OOIDA asks Supreme Court to hear cross-border trucking case

| November 05, 2013

mexicoUntitled-1The Owner-Operator Independent Drivers Association has petitioned to the U.S. Supreme Court to hear the group’s case against the Federal Motor Carrier Safety Administration’s cross-border trucking pilot program with Mexico. 

A federal court in July ruled in FMCSA’s favor in the case, saying the cross-border program could continue. OOIDA and the Teamsters brought the suit due to what it said amounted to lack of qualifications of Mexican drivers in the program, as they had not been issued commercial drivers licenses by a U.S. state. 


Mexican carriers fare well on safety data

Mexican carriers fare well on safety data

Long-haul and drayage Mexican carriers entering the United States have generally lower out-of-service rates than their American counterparts, according to current federal data.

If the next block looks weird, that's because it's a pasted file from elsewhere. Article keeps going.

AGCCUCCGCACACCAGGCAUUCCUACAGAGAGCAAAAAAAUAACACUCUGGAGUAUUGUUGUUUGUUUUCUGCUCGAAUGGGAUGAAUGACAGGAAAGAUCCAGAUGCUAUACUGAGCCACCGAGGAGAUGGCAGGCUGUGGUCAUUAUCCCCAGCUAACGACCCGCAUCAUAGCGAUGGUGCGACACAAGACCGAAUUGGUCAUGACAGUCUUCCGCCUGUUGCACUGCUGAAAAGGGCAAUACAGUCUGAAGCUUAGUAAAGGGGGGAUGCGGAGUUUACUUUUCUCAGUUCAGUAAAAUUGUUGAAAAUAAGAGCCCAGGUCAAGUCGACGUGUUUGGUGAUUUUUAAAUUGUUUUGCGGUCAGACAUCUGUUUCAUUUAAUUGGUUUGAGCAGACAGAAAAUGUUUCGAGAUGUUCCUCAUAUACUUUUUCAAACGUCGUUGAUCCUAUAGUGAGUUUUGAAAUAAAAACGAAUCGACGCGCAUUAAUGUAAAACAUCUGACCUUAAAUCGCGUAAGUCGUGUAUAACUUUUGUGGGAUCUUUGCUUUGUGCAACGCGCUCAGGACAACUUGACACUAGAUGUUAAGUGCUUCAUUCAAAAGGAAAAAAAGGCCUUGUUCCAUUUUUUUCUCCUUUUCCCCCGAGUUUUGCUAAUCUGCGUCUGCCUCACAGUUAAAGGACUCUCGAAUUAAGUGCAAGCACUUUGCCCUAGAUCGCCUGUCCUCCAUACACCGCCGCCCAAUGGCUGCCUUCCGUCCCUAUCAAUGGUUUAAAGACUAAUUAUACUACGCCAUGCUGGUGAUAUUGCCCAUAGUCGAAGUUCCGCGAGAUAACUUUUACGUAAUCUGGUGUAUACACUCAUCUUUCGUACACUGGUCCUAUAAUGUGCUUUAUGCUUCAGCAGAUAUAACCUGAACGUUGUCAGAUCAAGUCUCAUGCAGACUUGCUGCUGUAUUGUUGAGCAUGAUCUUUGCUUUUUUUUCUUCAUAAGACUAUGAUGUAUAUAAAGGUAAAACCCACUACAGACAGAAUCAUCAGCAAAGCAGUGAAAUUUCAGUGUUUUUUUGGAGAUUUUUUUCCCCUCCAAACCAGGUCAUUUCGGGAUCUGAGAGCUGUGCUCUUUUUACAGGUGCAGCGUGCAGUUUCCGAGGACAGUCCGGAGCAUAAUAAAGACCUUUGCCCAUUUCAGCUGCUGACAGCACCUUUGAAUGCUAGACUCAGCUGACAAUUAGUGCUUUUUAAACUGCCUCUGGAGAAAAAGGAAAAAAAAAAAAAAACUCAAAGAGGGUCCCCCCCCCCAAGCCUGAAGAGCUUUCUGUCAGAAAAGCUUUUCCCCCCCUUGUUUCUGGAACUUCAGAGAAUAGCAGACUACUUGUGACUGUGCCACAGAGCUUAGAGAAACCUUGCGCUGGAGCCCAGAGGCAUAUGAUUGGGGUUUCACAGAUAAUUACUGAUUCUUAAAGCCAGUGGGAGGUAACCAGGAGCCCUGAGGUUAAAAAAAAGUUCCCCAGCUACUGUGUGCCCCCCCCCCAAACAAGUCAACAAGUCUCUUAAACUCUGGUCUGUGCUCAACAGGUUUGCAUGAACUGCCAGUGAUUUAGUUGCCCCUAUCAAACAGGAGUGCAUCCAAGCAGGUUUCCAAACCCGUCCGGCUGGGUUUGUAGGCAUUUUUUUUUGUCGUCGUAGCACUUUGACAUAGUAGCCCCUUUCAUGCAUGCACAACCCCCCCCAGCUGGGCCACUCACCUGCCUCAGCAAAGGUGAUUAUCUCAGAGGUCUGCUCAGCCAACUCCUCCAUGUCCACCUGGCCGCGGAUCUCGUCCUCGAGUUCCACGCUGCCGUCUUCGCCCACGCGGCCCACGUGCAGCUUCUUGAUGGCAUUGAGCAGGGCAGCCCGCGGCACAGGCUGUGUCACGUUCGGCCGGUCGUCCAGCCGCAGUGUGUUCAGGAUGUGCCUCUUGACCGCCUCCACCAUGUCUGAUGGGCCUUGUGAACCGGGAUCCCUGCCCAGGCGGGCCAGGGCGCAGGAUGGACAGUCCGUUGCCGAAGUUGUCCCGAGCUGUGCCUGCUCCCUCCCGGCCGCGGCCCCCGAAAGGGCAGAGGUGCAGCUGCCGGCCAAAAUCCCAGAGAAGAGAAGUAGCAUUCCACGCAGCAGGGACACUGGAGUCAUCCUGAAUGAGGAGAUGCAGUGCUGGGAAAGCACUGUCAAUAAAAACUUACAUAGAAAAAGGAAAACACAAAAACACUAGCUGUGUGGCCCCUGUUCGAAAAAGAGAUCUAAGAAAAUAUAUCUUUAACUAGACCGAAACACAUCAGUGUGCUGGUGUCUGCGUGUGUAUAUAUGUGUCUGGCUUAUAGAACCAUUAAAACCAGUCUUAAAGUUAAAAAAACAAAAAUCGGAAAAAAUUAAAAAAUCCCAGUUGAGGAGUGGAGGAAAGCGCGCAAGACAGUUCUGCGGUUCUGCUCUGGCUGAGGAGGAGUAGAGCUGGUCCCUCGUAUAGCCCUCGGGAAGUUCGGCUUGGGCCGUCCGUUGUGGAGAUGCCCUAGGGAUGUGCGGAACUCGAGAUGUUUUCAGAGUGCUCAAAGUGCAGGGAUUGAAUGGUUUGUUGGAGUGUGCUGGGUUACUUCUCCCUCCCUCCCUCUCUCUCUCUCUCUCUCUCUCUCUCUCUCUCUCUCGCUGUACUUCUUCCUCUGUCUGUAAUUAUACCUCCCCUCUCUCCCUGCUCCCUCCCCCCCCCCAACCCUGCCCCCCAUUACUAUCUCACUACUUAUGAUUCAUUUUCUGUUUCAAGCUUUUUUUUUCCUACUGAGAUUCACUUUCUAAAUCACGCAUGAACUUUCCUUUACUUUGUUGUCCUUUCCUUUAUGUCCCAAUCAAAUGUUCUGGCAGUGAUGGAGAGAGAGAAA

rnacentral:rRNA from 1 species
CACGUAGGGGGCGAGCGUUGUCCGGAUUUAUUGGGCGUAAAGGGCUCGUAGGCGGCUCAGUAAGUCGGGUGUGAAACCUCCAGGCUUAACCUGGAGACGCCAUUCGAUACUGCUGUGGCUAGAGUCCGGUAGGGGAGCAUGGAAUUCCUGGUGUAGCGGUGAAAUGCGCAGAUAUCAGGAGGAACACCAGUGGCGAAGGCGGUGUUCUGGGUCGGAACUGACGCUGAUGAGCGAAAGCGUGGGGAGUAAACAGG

Judge Brett Kavanaugh, who wrote the opinion on behalf of the three-judge panel that heard the case, said Congress had previously decided that Mexico-issued licenses would be viewed the same as state-issued CDLs. 

OOIDA’s other case against the cross-border program — which alleged Mexican drivers were not held to the same safety and health standards as U.S. drivers — was also struck down by the same three-judge panel.

The Teamsters had alleged in the case there was not enough data available to properly judge the safety practices of the Mexican drivers in the program. The panel ruled FMCSA had “met its obligation” to include enough participants to gather safety data. 

OOIDA has asked for a response from the Supreme Court by the end of November. Click here to see its petition.

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